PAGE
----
‘The FilAm community accepted, loved and respected me regardless of who, what I am’

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Speaking before advocates and allies at the  Transgender Day of Remembrance event

Speaking before advocates and allies at the Transgender Day of Remembrance event

By Chelle Lhuillier

The Center’s Gender Identity Project Organizing Committee, LGBT rights and equality advocates, friends, and allies, fellow speakers, ladies and gentlemen, good evening.
A few weeks ago, I was reading an online news article and these struck my attention. ” Two years ago, I got jumped. Four months ago I got stabbed. Two months later, I got shot, a transgender victim said in a news report.”

Every attack, every murder, the whole purpose is to keep us silent, to keep us from transitioning, a reaction coming from a transgender woman said in an interview. Despite tremendous progress in advancing LGBTQ rights, the sad
reality is in many places here in the United States and all over the world, transgender people continue to face violence and discrimination on a daily basis. Many lives were lost and each year the list grows even longer and unabated.

Today, we commemorate them and honor the dignity they truly deserve.

Gwendolyn Ann Smith, transgender advocate and founder of Transgender Day of Remembrance, has said in her message and I quote, “The Transgender Day of Remembrance seeks to highlight the losses we face due to anti-transgender bigotry and violence. I am no stranger to the need to fight for rights, and the right to Simply Exist is first and foremost. With so many seeking to erase transgender people, sometimes in the most brutal ways possible, it is vitally important that those we lose are remembered, and that we continue to fight for
justice.” Unquote.

Transgender Day of Remembrance reminded me of how I endured the challenges of being a trans woman, the stereotyping, discrimination and looks from people. Those difficult moments became a source of inspiration, motivation and strength to persevere, keep my head up and show them that I’m worthy of respect.

For years I was quietly advocating transgender empowerment until this summer when I was crowned Miss LGBT Philippines-USA. Finally I came out publicly to continue my work of advocacy, and little by little I gained acceptance and recognition because of my high visibility in the mainstream Filipino-American social and charitable community. Despite the challenging times and dangers faced by many trans women, I am thankful to the Filipino-American social and charitable community in which I was accepted, loved and respected regardless of who I am and what I am.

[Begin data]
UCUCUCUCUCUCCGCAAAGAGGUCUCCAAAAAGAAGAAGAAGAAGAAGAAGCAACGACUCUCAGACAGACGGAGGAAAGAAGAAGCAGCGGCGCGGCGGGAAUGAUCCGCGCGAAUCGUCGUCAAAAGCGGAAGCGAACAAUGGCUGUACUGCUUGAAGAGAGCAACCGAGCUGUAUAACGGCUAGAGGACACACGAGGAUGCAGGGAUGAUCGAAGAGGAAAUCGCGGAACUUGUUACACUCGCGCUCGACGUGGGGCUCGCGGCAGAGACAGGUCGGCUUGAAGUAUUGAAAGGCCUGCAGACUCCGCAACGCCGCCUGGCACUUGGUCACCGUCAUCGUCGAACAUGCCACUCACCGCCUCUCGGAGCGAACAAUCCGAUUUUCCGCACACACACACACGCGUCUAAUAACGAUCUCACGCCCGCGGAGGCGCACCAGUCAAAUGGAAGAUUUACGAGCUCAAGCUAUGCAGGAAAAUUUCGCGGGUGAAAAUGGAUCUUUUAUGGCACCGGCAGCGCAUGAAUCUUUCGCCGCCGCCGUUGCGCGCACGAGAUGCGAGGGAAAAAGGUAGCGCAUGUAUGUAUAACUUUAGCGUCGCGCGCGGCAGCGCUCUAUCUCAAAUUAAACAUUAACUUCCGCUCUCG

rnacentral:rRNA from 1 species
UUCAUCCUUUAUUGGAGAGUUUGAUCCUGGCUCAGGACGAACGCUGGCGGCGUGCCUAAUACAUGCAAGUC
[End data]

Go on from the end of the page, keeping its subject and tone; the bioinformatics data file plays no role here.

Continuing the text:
It is on this community that I have found a platform to make a difference as a trans woman and continue inspiring others through transgender empowerment. This year, I participated at the 2014 Philippine Independence Day Parade in New York City making history and a groundbreaking first. I proudly marched and joined the Philippine contingent to the New York City Pride Parade with Bayan USA and Gabriela USA. Since then I found the strength to further my advocacy and eventually became a voice of the marginalized transgender community.

Recently I joined a rally in front of the Philippine Consulate to call for justice for a slain Filipino transgender in the Philippines. How many transgender people will have the courage to go out of their comfort
zone and stop hiding in the closet to fight for their rights? Only a few.

We can only create a huge impact and raise public awareness by increasing our visibility. We can only address violence, discrimination and hate crimes if we have the laws to protect us.

We should call the attention of our legislators for the passage of GENDA so that every transgender person will be treated fairly and equally by the laws of our state. The fight is not yet over, we must continue to educate ourselves, do not give ignorance a place, for being educated will enable us to know our basic human rights, defend ourselves from people who may take advantage of us and more importantly this will keep us safe and away from hostile environment.

It is my wish and prayer that I will be able to further my advocacy and that transgender people will be able to enjoy more stable, safer and comfortable lives free from discrimination, hatred and violence.

On behalf of the Human Rights Campaign of Greater New York, a pleasant evening to each and every one.

Chelle Lhuillier, an LGBTQ rights advocate, is a member of the Diversity Committee’s Transgender Engagement Team of the Human Rights Campaign Greater New York Steering Committee. The current Miss LGBT Philippines-USA delivered this speech during the HRC’s celebration of Transgender Day of Remembrance on November 20 at The LGBT Center on W. 13th Street.

Chelle was the first Miss LGBT Philippines-USA

Chelle, the first Miss LGBT Philippines-USA, graces a float during the Philippine Independence Day Parade on Madison Avenue.

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